ERIC Number: ED311148
Record Type: Non-Journal
Publication Date: 1989
Reference Count: N/A
Middle School Education--The Critical Link in Dropout Prevention. ERIC/CUE Digest No. 56.
Wells, Amy Stuart
Even though middle schools are important in retaining at-risk students, the organization and curriculum of most of them do not meet the developmental needs of young adolescents. Improvements should focus on making middle and junior high schools function less like large, impersonal high schools and more like caring, nurturing elementary schools, while offering a challenging, subject-specific curriculum. The size and departmentalized structure of middle schools tend to make students leaving self-contained elementary school classrooms feel vulnerable. The fragmented structure of middle schools allows teachers to specialize in subject areas, but weakens teacher-student relationships. Retaining middle school students in grade does not improve academic achievement and students who are retained are likely to feel embarrassed and stigmatized. Ability grouping, which becomes formalized in middle schools as academic levels become more fixed and obvious, results in social segregation, the reinforcement of racial stereotypes, and the promotion of negative self-images among minority students. Cooperative learning, where students of all ability levels work together in groups, is suggested as an alternative to tracking. Health education and career education should be emphasized in the curriculum. Teachers in middle grades should receive specialized training in adolescent development as well as in subject areas to improve teacher-student relationships. A list of eight references is appended. (FMW)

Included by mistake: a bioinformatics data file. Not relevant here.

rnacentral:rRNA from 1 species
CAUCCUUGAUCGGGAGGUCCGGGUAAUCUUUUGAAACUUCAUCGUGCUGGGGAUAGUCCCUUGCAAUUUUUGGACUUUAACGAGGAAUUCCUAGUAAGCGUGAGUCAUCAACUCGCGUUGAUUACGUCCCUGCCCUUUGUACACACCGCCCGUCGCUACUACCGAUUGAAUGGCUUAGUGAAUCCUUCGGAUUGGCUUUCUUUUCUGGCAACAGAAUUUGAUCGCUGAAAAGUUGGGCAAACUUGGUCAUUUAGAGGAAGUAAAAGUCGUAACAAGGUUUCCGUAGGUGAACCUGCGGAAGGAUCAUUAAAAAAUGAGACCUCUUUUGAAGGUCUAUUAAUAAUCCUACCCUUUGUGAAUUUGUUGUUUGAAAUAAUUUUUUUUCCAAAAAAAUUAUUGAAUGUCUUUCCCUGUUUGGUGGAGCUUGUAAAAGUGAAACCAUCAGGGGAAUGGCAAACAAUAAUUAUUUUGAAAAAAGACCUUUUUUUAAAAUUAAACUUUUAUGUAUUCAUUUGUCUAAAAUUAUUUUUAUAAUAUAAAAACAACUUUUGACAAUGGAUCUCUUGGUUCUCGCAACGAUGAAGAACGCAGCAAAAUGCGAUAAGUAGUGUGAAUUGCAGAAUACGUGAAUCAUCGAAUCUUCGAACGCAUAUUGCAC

Descriptors: Adolescents, Curriculum Problems, Dropout Prevention, Educational Change, High Risk Students, Middle Schools, School Organization, Secondary Education, Student Needs
ERIC Clearinghouse on Urban Education, Teachers College, Box 40, Columbia University, New York, NY 10027.
Publication Type: ERIC Publications; ERIC Digests in Full Text
Education Level: N/A
Audience: Policymakers; Administrators; Practitioners
Sponsor: Office of Educational Research and Improvement (ED), Washington, DC.
Authoring Institution: ERIC Clearinghouse on Urban Education, New York, NY.